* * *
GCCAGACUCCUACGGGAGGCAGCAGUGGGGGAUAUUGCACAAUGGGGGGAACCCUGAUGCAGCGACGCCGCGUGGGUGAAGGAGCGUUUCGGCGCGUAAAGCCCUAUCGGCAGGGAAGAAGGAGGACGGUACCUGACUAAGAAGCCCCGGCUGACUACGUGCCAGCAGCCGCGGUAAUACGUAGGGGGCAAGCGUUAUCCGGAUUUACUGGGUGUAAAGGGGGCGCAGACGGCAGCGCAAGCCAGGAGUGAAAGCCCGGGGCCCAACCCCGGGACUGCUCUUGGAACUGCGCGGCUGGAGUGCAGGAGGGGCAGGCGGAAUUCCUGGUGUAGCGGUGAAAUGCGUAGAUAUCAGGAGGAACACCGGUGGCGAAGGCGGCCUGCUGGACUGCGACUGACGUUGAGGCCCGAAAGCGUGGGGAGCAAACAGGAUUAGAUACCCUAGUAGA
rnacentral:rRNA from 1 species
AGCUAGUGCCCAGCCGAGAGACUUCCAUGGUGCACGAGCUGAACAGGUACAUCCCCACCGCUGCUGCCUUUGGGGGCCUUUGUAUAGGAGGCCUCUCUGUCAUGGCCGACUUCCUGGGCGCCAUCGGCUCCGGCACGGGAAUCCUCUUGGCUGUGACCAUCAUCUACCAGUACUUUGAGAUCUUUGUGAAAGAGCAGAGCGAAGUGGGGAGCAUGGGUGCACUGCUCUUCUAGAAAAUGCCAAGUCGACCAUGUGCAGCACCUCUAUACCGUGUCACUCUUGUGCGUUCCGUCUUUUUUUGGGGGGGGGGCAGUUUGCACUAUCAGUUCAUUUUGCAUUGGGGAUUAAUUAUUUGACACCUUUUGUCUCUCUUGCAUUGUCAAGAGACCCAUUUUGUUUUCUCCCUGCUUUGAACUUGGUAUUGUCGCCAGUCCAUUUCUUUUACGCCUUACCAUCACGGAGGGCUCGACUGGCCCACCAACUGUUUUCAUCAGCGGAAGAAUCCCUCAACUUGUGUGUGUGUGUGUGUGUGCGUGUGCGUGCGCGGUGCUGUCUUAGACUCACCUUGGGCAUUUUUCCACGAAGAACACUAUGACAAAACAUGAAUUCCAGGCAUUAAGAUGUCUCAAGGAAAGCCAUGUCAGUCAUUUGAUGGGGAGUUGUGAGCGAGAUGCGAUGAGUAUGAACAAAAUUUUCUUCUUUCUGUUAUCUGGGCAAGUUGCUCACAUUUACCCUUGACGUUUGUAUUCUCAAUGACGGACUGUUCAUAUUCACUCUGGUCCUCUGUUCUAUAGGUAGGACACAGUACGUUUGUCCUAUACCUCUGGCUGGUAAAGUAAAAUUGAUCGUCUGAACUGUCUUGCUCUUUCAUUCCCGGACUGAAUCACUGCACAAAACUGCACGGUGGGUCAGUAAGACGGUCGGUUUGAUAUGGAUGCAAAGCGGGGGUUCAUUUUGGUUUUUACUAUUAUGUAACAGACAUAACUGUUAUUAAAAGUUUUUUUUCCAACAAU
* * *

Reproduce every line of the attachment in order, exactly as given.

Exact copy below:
GCCAGACUCCUACGGGAGGCAGCAGUGGGGGAUAUUGCACAAUGGGGGGAACCCUGAUGCAGCGACGCCGCGUGGGUGAAGGAGCGUUUCGGCGCGUAAAGCCCUAUCGGCAGGGAAGAAGGAGGACGGUACCUGACUAAGAAGCCCCGGCUGACUACGUGCCAGCAGCCGCGGUAAUACGUAGGGGGCAAGCGUUAUCCGGAUUUACUGGGUGUAAAGGGGGCGCAGACGGCAGCGCAAGCCAGGAGUGAAAGCCCGGGGCCCAACCCCGGGACUGCUCUUGGAACUGCGCGGCUGGAGUGCAGGAGGGGCAGGCGGAAUUCCUGGUGUAGCGGUGAAAUGCGUAGAUAUCAGGAGGAACACCGGUGGCGAAGGCGGCCUGCUGGACUGCGACUGACGUUGAGGCCCGAAAGCGUGGGGAGCAAACAGGAUUAGAUACCCUAGUAGA
rnacentral:rRNA from 1 species
AGCUAGUGCCCAGCCGAGAGACUUCCAUGGUGCACGAGCUGAACAGGUACAUCCCCACCGCUGCUGCCUUUGGGGGCCUUUGUAUAGGAGGCCUCUCUGUCAUGGCCGACUUCCUGGGCGCCAUCGGCUCCGGCACGGGAAUCCUCUUGGCUGUGACCAUCAUCUACCAGUACUUUGAGAUCUUUGUGAAAGAGCAGAGCGAAGUGGGGAGCAUGGGUGCACUGCUCUUCUAGAAAAUGCCAAGUCGACCAUGUGCAGCACCUCUAUACCGUGUCACUCUUGUGCGUUCCGUCUUUUUUUGGGGGGGGGGCAGUUUGCACUAUCAGUUCAUUUUGCAUUGGGGAUUAAUUAUUUGACACCUUUUGUCUCUCUUGCAUUGUCAAGAGACCCAUUUUGUUUUCUCCCUGCUUUGAACUUGGUAUUGUCGCCAGUCCAUUUCUUUUACGCCUUACCAUCACGGAGGGCUCGACUGGCCCACCAACUGUUUUCAUCAGCGGAAGAAUCCCUCAACUUGUGUGUGUGUGUGUGUGUGCGUGUGCGUGCGCGGUGCUGUCUUAGACUCACCUUGGGCAUUUUUCCACGAAGAACACUAUGACAAAACAUGAAUUCCAGGCAUUAAGAUGUCUCAAGGAAAGCCAUGUCAGUCAUUUGAUGGGGAGUUGUGAGCGAGAUGCGAUGAGUAUGAACAAAAUUUUCUUCUUUCUGUUAUCUGGGCAAGUUGCUCACAUUUACCCUUGACGUUUGUAUUCUCAAUGACGGACUGUUCAUAUUCACUCUGGUCCUCUGUUCUAUAGGUAGGACACAGUACGUUUGUCCUAUACCUCUGGCUGGUAAAGUAAAAUUGAUCGUCUGAACUGUCUUGCUCUUUCAUUCCCGGACUGAAUCACUGCACAAAACUGCACGGUGGGUCAGUAAGACGGUCGGUUUGAUAUGGAUGCAAAGCGGGGGUUCAUUUUGGUUUUUACUAUUAUGUAACAGACAUAACUGUUAUUAAAAGUUUUUUUUCCAACAAU